I do know that I had very little in my collection when I was given the cassette. If memory serves me right, the tape was a gift from John Lukehart, who was my "Big Brother," courtesy of Big Brothers of Hawai'i.

I became involved with the organization as I was being raised by a single mother in Honolulu, and I only had a consistent daily positive male role model over summers, when I stayed with my father on the Mainland. I don't know what prompted John to give me the tape, and I doubt he would remember. Perhaps I had been caught up in the whole "Bohemian Rhapsody" madness of the mid-seventies. The song hit #9 on the U.S. charts, so I must have heard it.

I do remember though, being entranced by the cover art of the cassette, and studying it thoroughly. As a frame of reference, I was nine when this album was released. It is definitely my first-owned rock album, so I rank it as an influential landmark in my early musical education.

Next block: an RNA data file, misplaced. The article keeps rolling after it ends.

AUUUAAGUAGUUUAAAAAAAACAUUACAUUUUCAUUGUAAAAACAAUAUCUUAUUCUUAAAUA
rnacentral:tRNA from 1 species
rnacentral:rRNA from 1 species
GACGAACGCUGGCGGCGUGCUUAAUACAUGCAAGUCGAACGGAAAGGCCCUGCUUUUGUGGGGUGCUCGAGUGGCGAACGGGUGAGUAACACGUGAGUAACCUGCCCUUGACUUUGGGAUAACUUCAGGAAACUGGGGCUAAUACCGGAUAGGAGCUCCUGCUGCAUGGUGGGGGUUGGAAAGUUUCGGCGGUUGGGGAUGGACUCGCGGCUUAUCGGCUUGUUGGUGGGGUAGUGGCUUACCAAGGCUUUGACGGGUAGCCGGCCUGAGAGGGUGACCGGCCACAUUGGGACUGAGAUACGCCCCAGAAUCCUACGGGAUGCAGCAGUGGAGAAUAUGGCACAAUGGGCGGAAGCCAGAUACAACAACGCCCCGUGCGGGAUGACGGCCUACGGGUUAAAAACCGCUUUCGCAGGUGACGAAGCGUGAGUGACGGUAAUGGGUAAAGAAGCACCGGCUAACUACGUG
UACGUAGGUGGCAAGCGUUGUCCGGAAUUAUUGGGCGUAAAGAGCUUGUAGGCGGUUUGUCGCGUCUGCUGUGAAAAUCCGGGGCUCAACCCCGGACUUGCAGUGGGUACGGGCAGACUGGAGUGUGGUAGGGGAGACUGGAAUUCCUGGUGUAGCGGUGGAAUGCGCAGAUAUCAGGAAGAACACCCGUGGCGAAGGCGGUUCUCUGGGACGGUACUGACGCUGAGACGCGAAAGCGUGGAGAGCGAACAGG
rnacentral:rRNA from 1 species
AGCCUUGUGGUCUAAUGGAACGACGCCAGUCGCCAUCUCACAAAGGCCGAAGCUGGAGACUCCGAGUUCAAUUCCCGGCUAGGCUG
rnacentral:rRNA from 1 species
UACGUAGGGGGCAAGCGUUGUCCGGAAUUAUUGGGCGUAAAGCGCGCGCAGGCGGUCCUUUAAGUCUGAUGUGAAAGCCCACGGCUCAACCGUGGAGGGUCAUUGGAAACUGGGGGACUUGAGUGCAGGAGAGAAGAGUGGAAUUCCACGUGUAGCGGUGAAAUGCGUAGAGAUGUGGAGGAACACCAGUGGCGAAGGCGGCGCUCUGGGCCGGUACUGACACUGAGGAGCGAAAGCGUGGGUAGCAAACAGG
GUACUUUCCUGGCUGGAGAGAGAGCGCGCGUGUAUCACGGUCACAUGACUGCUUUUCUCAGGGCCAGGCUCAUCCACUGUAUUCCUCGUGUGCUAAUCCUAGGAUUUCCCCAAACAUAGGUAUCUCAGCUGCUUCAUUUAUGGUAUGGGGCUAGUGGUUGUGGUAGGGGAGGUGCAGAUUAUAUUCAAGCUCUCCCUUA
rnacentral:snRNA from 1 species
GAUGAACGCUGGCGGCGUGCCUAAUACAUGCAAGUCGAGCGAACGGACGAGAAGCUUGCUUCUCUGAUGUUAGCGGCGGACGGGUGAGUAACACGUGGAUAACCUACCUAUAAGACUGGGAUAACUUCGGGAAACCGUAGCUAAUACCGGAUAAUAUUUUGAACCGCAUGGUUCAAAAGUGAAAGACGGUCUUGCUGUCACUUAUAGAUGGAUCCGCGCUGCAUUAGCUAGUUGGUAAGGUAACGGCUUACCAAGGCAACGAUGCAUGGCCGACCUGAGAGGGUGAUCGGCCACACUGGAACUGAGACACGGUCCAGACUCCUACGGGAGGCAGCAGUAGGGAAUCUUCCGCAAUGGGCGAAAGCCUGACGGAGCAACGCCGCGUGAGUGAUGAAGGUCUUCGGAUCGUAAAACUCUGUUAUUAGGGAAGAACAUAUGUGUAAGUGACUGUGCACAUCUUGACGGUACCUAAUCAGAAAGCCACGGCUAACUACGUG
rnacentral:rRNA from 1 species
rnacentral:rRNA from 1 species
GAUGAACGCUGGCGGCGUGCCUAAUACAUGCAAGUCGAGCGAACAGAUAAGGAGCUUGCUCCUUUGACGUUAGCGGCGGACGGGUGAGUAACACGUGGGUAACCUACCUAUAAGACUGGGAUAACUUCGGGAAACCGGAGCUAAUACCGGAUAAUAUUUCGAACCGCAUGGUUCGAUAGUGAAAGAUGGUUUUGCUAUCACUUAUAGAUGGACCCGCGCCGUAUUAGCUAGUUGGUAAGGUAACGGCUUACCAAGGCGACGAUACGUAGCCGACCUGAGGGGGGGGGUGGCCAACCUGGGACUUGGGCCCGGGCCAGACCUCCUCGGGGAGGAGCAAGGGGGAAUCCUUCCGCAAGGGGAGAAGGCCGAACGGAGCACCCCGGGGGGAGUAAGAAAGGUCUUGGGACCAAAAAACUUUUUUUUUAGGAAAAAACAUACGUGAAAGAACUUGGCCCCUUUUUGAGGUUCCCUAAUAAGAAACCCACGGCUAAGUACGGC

Here's what I think is interesting about this choice, at least for me. There were only two bona fide "hits" on this record. Both singles, "Somebody to Love" and "Tie Your Mother Down", led off each side of the record.

The two songs are classics in and of themselves. I think I was more apt to go for "Tie Your Mother Down," than the love song, because I took it literally and as a nine-to-ten year old boy being raised by a mother, I remember thinking that it was pretty funny.

Of course, I didn't register the lyrics:

Your momma says you don't
And your daddy says you won't
And I'm boilin' up inside
Ain't no way I'm gonna lose out this time

Tie your mother down
Tie your mother down
Lock your daddy out of doors
I don't need him nosing around
Tie your mother down
Tie your mother down